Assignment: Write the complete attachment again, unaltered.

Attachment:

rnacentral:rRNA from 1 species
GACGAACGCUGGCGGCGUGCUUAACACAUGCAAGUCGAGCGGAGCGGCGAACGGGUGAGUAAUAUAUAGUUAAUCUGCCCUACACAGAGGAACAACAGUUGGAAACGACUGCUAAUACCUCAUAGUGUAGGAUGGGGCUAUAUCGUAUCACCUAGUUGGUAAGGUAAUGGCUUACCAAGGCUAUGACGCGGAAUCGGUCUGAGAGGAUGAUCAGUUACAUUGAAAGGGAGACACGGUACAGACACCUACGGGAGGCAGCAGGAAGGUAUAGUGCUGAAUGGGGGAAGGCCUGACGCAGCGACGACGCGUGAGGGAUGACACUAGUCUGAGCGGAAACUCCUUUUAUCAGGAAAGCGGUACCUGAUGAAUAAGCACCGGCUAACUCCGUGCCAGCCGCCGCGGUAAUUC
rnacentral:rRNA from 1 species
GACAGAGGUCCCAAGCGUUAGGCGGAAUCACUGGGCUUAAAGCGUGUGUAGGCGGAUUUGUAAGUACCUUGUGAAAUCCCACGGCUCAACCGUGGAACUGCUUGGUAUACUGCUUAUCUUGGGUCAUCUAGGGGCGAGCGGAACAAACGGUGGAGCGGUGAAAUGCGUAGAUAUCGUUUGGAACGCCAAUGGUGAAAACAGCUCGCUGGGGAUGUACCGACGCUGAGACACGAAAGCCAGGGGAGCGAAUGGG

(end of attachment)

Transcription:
rnacentral:rRNA from 1 species
GACGAACGCUGGCGGCGUGCUUAACACAUGCAAGUCGAGCGGAGCGGCGAACGGGUGAGUAAUAUAUAGUUAAUCUGCCCUACACAGAGGAACAACAGUUGGAAACGACUGCUAAUACCUCAUAGUGUAGGAUGGGGCUAUAUCGUAUCACCUAGUUGGUAAGGUAAUGGCUUACCAAGGCUAUGACGCGGAAUCGGUCUGAGAGGAUGAUCAGUUACAUUGAAAGGGAGACACGGUACAGACACCUACGGGAGGCAGCAGGAAGGUAUAGUGCUGAAUGGGGGAAGGCCUGACGCAGCGACGACGCGUGAGGGAUGACACUAGUCUGAGCGGAAACUCCUUUUAUCAGGAAAGCGGUACCUGAUGAAUAAGCACCGGCUAACUCCGUGCCAGCCGCCGCGGUAAUUC
rnacentral:rRNA from 1 species
GACAGAGGUCCCAAGCGUUAGGCGGAAUCACUGGGCUUAAAGCGUGUGUAGGCGGAUUUGUAAGUACCUUGUGAAAUCCCACGGCUCAACCGUGGAACUGCUUGGUAUACUGCUUAUCUUGGGUCAUCUAGGGGCGAGCGGAACAAACGGUGGAGCGGUGAAAUGCGUAGAUAUCGUUUGGAACGCCAAUGGUGAAAACAGCUCGCUGGGGAUGUACCGACGCUGAGACACGAAAGCCAGGGGAGCGAAUGGG